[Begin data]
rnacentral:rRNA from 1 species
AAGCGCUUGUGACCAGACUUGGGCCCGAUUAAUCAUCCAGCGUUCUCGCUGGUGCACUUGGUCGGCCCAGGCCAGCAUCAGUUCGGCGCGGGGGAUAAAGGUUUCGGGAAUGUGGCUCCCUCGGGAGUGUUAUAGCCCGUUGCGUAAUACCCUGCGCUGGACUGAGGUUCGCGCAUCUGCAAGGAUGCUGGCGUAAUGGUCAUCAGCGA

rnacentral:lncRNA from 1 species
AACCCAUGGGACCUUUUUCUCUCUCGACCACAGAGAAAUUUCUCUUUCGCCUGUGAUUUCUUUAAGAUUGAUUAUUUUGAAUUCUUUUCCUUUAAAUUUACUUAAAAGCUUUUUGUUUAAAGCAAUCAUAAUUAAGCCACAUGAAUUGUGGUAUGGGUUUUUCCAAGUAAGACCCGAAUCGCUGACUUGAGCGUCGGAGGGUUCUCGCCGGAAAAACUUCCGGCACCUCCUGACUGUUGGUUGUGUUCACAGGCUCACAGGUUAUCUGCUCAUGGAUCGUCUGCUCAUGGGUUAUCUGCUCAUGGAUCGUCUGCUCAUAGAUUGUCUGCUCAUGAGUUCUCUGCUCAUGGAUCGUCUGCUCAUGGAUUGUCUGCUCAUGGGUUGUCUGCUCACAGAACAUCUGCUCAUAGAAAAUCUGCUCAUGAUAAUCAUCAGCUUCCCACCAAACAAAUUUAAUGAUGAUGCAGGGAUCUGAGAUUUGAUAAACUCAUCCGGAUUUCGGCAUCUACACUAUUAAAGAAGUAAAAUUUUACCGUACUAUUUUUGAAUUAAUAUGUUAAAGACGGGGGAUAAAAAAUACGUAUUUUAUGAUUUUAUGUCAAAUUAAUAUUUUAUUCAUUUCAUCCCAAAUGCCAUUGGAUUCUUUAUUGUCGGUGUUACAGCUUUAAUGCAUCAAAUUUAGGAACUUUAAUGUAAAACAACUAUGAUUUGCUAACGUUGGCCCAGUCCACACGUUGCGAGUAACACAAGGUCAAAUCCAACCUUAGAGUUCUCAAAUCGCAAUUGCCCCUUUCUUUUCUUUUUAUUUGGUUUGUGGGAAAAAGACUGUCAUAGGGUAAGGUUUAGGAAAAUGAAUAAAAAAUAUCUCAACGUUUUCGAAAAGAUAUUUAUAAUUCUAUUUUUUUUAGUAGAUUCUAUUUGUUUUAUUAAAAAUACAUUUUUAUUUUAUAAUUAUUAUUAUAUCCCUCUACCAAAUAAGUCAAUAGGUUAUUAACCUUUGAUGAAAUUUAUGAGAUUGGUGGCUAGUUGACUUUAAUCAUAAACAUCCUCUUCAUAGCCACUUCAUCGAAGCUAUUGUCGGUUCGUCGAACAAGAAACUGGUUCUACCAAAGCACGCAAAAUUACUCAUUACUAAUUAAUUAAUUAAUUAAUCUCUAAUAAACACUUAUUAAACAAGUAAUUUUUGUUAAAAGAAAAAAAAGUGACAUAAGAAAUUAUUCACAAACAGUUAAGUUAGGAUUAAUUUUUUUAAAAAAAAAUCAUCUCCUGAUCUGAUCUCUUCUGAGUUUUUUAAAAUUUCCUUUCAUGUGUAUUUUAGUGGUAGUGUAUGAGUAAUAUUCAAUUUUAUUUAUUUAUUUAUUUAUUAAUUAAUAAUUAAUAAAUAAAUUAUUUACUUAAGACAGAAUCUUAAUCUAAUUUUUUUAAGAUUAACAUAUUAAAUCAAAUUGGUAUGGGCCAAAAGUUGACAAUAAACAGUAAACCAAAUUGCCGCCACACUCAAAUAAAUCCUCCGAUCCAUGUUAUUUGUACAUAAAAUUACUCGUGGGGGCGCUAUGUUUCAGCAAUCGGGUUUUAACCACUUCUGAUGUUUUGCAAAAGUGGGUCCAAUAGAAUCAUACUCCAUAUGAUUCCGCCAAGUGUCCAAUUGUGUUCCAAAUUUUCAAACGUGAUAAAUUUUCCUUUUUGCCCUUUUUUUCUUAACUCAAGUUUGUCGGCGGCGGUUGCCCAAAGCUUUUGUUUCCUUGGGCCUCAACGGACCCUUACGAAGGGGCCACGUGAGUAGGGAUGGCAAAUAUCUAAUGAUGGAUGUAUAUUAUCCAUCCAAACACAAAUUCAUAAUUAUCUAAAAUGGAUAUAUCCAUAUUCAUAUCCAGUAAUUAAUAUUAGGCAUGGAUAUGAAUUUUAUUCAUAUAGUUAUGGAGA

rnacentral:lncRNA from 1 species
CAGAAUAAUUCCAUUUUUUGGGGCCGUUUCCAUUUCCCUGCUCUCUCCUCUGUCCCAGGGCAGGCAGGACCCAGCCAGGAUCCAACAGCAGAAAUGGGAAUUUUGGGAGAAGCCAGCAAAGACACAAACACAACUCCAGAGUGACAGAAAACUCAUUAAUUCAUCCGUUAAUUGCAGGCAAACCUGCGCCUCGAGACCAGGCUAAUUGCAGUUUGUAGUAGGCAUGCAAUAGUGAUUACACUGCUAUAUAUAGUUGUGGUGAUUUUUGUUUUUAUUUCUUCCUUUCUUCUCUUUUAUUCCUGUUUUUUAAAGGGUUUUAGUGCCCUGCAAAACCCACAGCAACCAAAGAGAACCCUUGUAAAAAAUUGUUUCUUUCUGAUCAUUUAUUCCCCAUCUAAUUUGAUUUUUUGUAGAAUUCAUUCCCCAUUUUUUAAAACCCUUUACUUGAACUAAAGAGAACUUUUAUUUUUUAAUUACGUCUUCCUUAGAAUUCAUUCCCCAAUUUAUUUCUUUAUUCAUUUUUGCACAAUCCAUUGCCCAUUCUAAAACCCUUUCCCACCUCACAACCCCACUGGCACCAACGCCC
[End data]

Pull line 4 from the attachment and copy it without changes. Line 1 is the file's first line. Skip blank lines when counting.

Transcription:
AACCCAUGGGACCUUUUUCUCUCUCGACCACAGAGAAAUUUCUCUUUCGCCUGUGAUUUCUUUAAGAUUGAUUAUUUUGAAUUCUUUUCCUUUAAAUUUACUUAAAAGCUUUUUGUUUAAAGCAAUCAUAAUUAAGCCACAUGAAUUGUGGUAUGGGUUUUUCCAAGUAAGACCCGAAUCGCUGACUUGAGCGUCGGAGGGUUCUCGCCGGAAAAACUUCCGGCACCUCCUGACUGUUGGUUGUGUUCACAGGCUCACAGGUUAUCUGCUCAUGGAUCGUCUGCUCAUGGGUUAUCUGCUCAUGGAUCGUCUGCUCAUAGAUUGUCUGCUCAUGAGUUCUCUGCUCAUGGAUCGUCUGCUCAUGGAUUGUCUGCUCAUGGGUUGUCUGCUCACAGAACAUCUGCUCAUAGAAAAUCUGCUCAUGAUAAUCAUCAGCUUCCCACCAAACAAAUUUAAUGAUGAUGCAGGGAUCUGAGAUUUGAUAAACUCAUCCGGAUUUCGGCAUCUACACUAUUAAAGAAGUAAAAUUUUACCGUACUAUUUUUGAAUUAAUAUGUUAAAGACGGGGGAUAAAAAAUACGUAUUUUAUGAUUUUAUGUCAAAUUAAUAUUUUAUUCAUUUCAUCCCAAAUGCCAUUGGAUUCUUUAUUGUCGGUGUUACAGCUUUAAUGCAUCAAAUUUAGGAACUUUAAUGUAAAACAACUAUGAUUUGCUAACGUUGGCCCAGUCCACACGUUGCGAGUAACACAAGGUCAAAUCCAACCUUAGAGUUCUCAAAUCGCAAUUGCCCCUUUCUUUUCUUUUUAUUUGGUUUGUGGGAAAAAGACUGUCAUAGGGUAAGGUUUAGGAAAAUGAAUAAAAAAUAUCUCAACGUUUUCGAAAAGAUAUUUAUAAUUCUAUUUUUUUUAGUAGAUUCUAUUUGUUUUAUUAAAAAUACAUUUUUAUUUUAUAAUUAUUAUUAUAUCCCUCUACCAAAUAAGUCAAUAGGUUAUUAACCUUUGAUGAAAUUUAUGAGAUUGGUGGCUAGUUGACUUUAAUCAUAAACAUCCUCUUCAUAGCCACUUCAUCGAAGCUAUUGUCGGUUCGUCGAACAAGAAACUGGUUCUACCAAAGCACGCAAAAUUACUCAUUACUAAUUAAUUAAUUAAUUAAUCUCUAAUAAACACUUAUUAAACAAGUAAUUUUUGUUAAAAGAAAAAAAAGUGACAUAAGAAAUUAUUCACAAACAGUUAAGUUAGGAUUAAUUUUUUUAAAAAAAAAUCAUCUCCUGAUCUGAUCUCUUCUGAGUUUUUUAAAAUUUCCUUUCAUGUGUAUUUUAGUGGUAGUGUAUGAGUAAUAUUCAAUUUUAUUUAUUUAUUUAUUUAUUAAUUAAUAAUUAAUAAAUAAAUUAUUUACUUAAGACAGAAUCUUAAUCUAAUUUUUUUAAGAUUAACAUAUUAAAUCAAAUUGGUAUGGGCCAAAAGUUGACAAUAAACAGUAAACCAAAUUGCCGCCACACUCAAAUAAAUCCUCCGAUCCAUGUUAUUUGUACAUAAAAUUACUCGUGGGGGCGCUAUGUUUCAGCAAUCGGGUUUUAACCACUUCUGAUGUUUUGCAAAAGUGGGUCCAAUAGAAUCAUACUCCAUAUGAUUCCGCCAAGUGUCCAAUUGUGUUCCAAAUUUUCAAACGUGAUAAAUUUUCCUUUUUGCCCUUUUUUUCUUAACUCAAGUUUGUCGGCGGCGGUUGCCCAAAGCUUUUGUUUCCUUGGGCCUCAACGGACCCUUACGAAGGGGCCACGUGAGUAGGGAUGGCAAAUAUCUAAUGAUGGAUGUAUAUUAUCCAUCCAAACACAAAUUCAUAAUUAUCUAAAAUGGAUAUAUCCAUAUUCAUAUCCAGUAAUUAAUAUUAGGCAUGGAUAUGAAUUUUAUUCAUAUAGUUAUGGAGA